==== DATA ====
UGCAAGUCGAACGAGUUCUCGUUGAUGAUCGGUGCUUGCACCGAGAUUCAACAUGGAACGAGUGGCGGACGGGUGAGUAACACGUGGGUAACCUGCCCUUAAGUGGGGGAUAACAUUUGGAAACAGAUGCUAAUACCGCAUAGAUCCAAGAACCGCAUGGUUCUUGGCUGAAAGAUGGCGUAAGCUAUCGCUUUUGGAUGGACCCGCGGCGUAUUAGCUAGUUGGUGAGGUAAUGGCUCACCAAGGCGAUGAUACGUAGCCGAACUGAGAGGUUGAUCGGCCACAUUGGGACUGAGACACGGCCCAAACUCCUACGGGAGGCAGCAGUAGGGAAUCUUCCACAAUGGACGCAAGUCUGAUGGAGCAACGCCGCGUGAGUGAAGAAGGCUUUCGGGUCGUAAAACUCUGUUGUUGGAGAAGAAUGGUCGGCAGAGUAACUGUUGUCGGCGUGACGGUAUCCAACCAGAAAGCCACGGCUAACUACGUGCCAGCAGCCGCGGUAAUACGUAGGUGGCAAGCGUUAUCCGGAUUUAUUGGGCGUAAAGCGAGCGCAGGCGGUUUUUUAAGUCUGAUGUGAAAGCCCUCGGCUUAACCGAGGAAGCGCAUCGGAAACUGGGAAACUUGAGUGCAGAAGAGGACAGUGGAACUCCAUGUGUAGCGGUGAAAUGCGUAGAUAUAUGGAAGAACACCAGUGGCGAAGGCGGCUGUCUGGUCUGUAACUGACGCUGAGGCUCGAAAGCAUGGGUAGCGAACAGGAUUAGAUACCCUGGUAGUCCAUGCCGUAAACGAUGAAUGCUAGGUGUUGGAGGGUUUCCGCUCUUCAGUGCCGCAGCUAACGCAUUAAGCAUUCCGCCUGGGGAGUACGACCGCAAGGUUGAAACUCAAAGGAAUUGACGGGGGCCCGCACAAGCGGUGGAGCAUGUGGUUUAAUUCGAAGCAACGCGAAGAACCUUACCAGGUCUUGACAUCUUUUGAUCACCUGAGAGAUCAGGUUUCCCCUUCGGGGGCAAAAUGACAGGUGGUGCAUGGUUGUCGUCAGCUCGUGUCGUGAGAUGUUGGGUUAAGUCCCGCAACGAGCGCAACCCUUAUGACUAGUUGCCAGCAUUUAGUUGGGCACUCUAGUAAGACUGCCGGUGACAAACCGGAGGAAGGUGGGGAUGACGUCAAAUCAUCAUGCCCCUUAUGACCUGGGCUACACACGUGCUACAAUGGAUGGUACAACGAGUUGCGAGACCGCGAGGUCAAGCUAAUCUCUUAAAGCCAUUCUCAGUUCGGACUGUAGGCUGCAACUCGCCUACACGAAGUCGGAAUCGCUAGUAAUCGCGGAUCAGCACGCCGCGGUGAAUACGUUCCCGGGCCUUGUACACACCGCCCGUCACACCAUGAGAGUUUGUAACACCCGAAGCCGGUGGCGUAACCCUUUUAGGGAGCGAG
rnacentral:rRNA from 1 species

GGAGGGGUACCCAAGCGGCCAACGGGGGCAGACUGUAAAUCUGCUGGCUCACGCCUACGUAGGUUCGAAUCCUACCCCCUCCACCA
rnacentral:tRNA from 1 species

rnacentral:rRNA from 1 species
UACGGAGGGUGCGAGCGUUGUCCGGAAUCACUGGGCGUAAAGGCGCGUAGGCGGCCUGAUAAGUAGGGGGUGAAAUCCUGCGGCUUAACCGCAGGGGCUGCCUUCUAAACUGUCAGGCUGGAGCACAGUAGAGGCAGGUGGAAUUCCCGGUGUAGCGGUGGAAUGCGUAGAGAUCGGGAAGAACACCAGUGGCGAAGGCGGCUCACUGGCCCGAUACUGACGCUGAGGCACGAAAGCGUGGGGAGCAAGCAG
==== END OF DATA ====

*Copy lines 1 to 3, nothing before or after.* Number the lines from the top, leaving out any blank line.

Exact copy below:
UGCAAGUCGAACGAGUUCUCGUUGAUGAUCGGUGCUUGCACCGAGAUUCAACAUGGAACGAGUGGCGGACGGGUGAGUAACACGUGGGUAACCUGCCCUUAAGUGGGGGAUAACAUUUGGAAACAGAUGCUAAUACCGCAUAGAUCCAAGAACCGCAUGGUUCUUGGCUGAAAGAUGGCGUAAGCUAUCGCUUUUGGAUGGACCCGCGGCGUAUUAGCUAGUUGGUGAGGUAAUGGCUCACCAAGGCGAUGAUACGUAGCCGAACUGAGAGGUUGAUCGGCCACAUUGGGACUGAGACACGGCCCAAACUCCUACGGGAGGCAGCAGUAGGGAAUCUUCCACAAUGGACGCAAGUCUGAUGGAGCAACGCCGCGUGAGUGAAGAAGGCUUUCGGGUCGUAAAACUCUGUUGUUGGAGAAGAAUGGUCGGCAGAGUAACUGUUGUCGGCGUGACGGUAUCCAACCAGAAAGCCACGGCUAACUACGUGCCAGCAGCCGCGGUAAUACGUAGGUGGCAAGCGUUAUCCGGAUUUAUUGGGCGUAAAGCGAGCGCAGGCGGUUUUUUAAGUCUGAUGUGAAAGCCCUCGGCUUAACCGAGGAAGCGCAUCGGAAACUGGGAAACUUGAGUGCAGAAGAGGACAGUGGAACUCCAUGUGUAGCGGUGAAAUGCGUAGAUAUAUGGAAGAACACCAGUGGCGAAGGCGGCUGUCUGGUCUGUAACUGACGCUGAGGCUCGAAAGCAUGGGUAGCGAACAGGAUUAGAUACCCUGGUAGUCCAUGCCGUAAACGAUGAAUGCUAGGUGUUGGAGGGUUUCCGCUCUUCAGUGCCGCAGCUAACGCAUUAAGCAUUCCGCCUGGGGAGUACGACCGCAAGGUUGAAACUCAAAGGAAUUGACGGGGGCCCGCACAAGCGGUGGAGCAUGUGGUUUAAUUCGAAGCAACGCGAAGAACCUUACCAGGUCUUGACAUCUUUUGAUCACCUGAGAGAUCAGGUUUCCCCUUCGGGGGCAAAAUGACAGGUGGUGCAUGGUUGUCGUCAGCUCGUGUCGUGAGAUGUUGGGUUAAGUCCCGCAACGAGCGCAACCCUUAUGACUAGUUGCCAGCAUUUAGUUGGGCACUCUAGUAAGACUGCCGGUGACAAACCGGAGGAAGGUGGGGAUGACGUCAAAUCAUCAUGCCCCUUAUGACCUGGGCUACACACGUGCUACAAUGGAUGGUACAACGAGUUGCGAGACCGCGAGGUCAAGCUAAUCUCUUAAAGCCAUUCUCAGUUCGGACUGUAGGCUGCAACUCGCCUACACGAAGUCGGAAUCGCUAGUAAUCGCGGAUCAGCACGCCGCGGUGAAUACGUUCCCGGGCCUUGUACACACCGCCCGUCACACCAUGAGAGUUUGUAACACCCGAAGCCGGUGGCGUAACCCUUUUAGGGAGCGAG
rnacentral:rRNA from 1 species

GGAGGGGUACCCAAGCGGCCAACGGGGGCAGACUGUAAAUCUGCUGGCUCACGCCUACGUAGGUUCGAAUCCUACCCCCUCCACCA